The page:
I have two favorites. “Willy Wonka and the Chocolate Factory” (the original with Gene Wilder) is one. It was absolutely magical. I saw it at the MacArthur/Broadway Mall in Oakland in 1971, when it first came out. The movie house was packed with kids who had been dropped off by their parents.

I also love “The Wiz” (1978). The music, the acting, and the production were fantastic. I’m thrilled that it will be back on Broadway next year. I’m taking my kids!

Future projects.
I have a few more stories up my sleeve. Please stay tuned!

Thank you, Katheryn.
It will be a pleasure to listen & stay tuned for more of your books.
Here is a website about Katheryn Russell-Brown

Those of us who are filling our book baskets with titles to read
this school year will want to add in LITTLE MELBA, which is a Coretta Scott King Award Honor Book, illustrated by Frank Morrison. It fits several good connections including stories on

high-achieving girls & women

African-American role models

musical instrumentals, jazz & orchestras

Here are two websites about children’s books on girls & women
Amelia Bloomer List/ALA

KidLit Celebrates Women’s History Month (article by Katheryn Russell-Brown,
which includes a link to a video of a grown up Melba, performing)


Here are two websites about books on African-American topics
Coretta Scott King Book Awards
The Brown Bookshelf

Here is a website about children’s books on music


I hope your school year sings.


When I made a trip from Florida to visit a newsgal pal, Deborah, who lived in New York City in the 1980s, one day I arranged to ride a bus to one of the city’s most fascinating neighborhoods, Harlem.

Harlem is connected to Florida in many ways but especially because Zora Neale Hurston, James Weldon Johnson, Augusta Savage and other talented cultural icons we share about with our kiddos in school, home & at the library, went from Florida to NYC & then onward in their great careers.

At that time, the only place

for them to be

in NYC

was Harlem.

Our Harlem tour was mighty fine. I have news of a new tour, with these introductory words by poet Carole Boston Weatherford:

                                                Sugar Hill Sugar Hill

                                                Where life is sweet

                                               And the neighbors smile

                                                   At all they greet!

The is from a rhyming tribute to a part of Harlem, Sugar Hill elegantly portrayed in images by artist R. Gregory Christie.

Both the poet and illustrator have earned a block full of children’s literature awards.  Not only have I given some of their books as gifts, but I was also fortunate to hear Ms. Weatherford read her poetry once.

If you are like me, you’ll want to read more of the rhymes. Until you can find this brand new picture book, here are some of Christie sketches for SUGAR HILL, HARLEM’S HISTORIC NEIGHBORHOOD, through the courtesy of the artist and, Seven Impossible Things Before Breakfast.  Hope you book your tour.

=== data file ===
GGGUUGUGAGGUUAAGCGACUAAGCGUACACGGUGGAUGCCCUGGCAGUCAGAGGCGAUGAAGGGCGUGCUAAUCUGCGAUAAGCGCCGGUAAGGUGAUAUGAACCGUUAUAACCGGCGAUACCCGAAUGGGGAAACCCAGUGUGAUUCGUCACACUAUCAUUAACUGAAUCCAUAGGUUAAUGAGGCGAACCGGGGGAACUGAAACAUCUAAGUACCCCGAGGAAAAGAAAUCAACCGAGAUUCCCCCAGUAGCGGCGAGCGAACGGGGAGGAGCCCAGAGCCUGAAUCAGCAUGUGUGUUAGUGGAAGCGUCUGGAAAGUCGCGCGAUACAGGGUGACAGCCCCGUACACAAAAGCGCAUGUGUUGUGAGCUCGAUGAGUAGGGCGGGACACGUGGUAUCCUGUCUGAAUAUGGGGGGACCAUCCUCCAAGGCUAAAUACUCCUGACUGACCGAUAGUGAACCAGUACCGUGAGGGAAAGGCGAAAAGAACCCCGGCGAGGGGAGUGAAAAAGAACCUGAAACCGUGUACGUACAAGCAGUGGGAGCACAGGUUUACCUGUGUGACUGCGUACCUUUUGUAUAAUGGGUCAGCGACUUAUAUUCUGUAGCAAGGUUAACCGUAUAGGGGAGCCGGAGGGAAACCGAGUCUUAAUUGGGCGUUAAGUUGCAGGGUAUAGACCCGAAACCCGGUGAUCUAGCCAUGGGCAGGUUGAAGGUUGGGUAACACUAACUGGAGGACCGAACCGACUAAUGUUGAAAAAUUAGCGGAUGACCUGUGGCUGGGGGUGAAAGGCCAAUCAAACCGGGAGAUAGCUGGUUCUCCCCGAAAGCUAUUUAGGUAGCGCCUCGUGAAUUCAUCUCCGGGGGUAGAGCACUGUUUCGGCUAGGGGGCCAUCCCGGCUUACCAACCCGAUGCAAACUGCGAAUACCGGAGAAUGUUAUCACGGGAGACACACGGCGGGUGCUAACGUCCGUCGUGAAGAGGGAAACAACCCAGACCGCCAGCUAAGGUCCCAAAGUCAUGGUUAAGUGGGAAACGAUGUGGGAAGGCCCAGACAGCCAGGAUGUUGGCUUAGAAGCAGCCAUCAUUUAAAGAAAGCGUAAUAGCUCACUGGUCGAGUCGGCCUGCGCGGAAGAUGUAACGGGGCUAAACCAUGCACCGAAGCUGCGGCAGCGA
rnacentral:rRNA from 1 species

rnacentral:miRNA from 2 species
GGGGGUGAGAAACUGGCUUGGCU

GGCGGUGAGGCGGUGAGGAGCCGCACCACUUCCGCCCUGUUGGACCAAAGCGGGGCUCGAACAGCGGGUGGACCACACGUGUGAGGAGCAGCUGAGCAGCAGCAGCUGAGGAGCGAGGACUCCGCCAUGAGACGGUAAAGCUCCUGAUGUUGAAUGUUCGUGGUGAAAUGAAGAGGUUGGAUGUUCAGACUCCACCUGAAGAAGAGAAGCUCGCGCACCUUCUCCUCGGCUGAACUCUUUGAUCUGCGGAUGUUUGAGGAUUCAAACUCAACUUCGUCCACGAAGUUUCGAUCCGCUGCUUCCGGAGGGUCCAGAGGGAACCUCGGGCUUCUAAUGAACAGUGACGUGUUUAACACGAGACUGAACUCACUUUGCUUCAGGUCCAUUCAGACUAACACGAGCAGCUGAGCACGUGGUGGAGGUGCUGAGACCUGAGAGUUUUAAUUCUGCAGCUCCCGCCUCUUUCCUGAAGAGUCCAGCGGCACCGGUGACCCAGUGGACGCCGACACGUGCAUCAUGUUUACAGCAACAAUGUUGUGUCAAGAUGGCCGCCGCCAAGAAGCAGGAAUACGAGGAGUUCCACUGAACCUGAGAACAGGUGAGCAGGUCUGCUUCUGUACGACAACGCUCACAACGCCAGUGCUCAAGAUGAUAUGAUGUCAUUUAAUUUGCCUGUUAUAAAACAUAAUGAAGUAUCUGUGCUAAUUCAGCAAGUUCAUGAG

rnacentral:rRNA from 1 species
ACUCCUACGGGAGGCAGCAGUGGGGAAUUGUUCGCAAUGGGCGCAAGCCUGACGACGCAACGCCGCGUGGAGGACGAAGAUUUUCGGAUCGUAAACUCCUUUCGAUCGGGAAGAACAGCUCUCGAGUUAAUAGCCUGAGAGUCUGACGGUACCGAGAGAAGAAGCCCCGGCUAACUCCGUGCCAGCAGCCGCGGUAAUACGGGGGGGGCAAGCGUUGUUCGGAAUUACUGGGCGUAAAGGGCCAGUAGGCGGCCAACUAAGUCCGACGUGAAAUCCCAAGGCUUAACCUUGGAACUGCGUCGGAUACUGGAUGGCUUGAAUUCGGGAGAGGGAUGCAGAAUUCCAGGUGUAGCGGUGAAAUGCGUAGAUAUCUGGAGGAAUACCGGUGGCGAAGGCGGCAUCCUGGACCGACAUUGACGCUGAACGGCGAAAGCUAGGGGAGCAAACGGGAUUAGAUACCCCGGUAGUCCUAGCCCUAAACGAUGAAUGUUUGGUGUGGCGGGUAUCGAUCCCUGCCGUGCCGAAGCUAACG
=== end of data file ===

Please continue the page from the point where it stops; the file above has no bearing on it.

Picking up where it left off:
notes – Mother’s Day Weekend 2012

A very good ‘bye & two hellos

Anne Rudloe/Butterflies On A Sea Wind

Suitably for a memorial,  clouds opened up Sunday May 13 in time for umbrellas to pop like mushrooms, among congregants arriving at church to reflect upon the life of author & scientist Anne Rudloe.  Because she was a Buddhist teacher I wondered if we would find jewel- tone prayer flags & sandalwood incense & perhaps the sound of a delicate small gong?  Instead, lovely hymns & also some Gershwin & The Sound of Music. Many smiles & tears. Loving tributes to her life, where she enriched so many. Departure was in pure sunshine, drops dancing off tree leaves, shimmery glints along the path home. Good wishes to Family &  Gulf Marine Specimen folks.

FAITH RINGGOLD. She stood up the whole hour she spoke. She is 81.

&  FAITH RINGGOLD/c. Jan Godown Annino

After decades of world-wide accolades, she still had to outfox an oily art dealer who intended to keep her Clinton family portrait rather than pass it on as intended. With her husband Birdie helping, she put it directly into grateful hands at the White House. Her sparkling mural mosaics are lesser known than the totemic story quilts that are catalysts for children’s books.

She read from her witty new bullying poetry.  Public school kids in NYC knew her as their art teacher, before she quit to spend time with her other talents. California college students call her professor.Thanks, FSU Fine Arts folks.

ANDREA DAVIS PINKNEY. Wow. Never imagined two years ago when I presented at the library on SIT IN, a Brian Pinkney-illustrated history for young readers of Greensboro, N.C. desegregation by brave students, that the author would be presenting on it herself.

The interactive event that covered many children’s literature titles, found us stretching our credulity to see if we thought our cat lounging at home could talk & narrate a story & also asking ourselves how we would respond to hot coffee & catsup being poured on our heads. A lively & deep talk, all the more special because of the all-ages audience.

Pinkney sets her alarm for 4 a.m. She writes every day.  Thanks, LeRoy Collins Leon County Public Library folks.

Andrea Davis Pinkney & Brian Pinkney

social studies

Maps & globes. The state’s symbols. Our national landmarks & parks & wild places. The people who farmed, fished, created artwork & lived off the land before the time of Columbus. And, everything that happened after that.

Such as the people like my Dad, who , as a boy, worked on a tiny 3-legged stool, in a barn lit by a kerosene lantern.

If these topics make your heart beat fast, you may love Social Studies.

A separate subject, accompanired in years past with huge, vivid color pull-down maps on sturdy maple wood poles. Today the maps are downloaded with ease. And the spot on Earth studied is zoomed into by digital devices that delight me each time I play with them. Amazing,

I remember home walls that were map magnets. Mainly maps from the National Geographic magazine . But a special auto road map would be taped up (taped!), too.

Whether you are a card-carrying social studies type or, like me, you enjoy your own study,  here is a social studies oriented link about Betty Mae Tiger Jumper.

Our only Amelia Jenks Bloomer

We are anticipating the February Read-In, created by the Black Caucus of the NCTE , but before that introspective time at the library is upon us, it’s time to announce two important events of January. First, Literacy with a capital L was feted  well for a week in official ways here in Florida.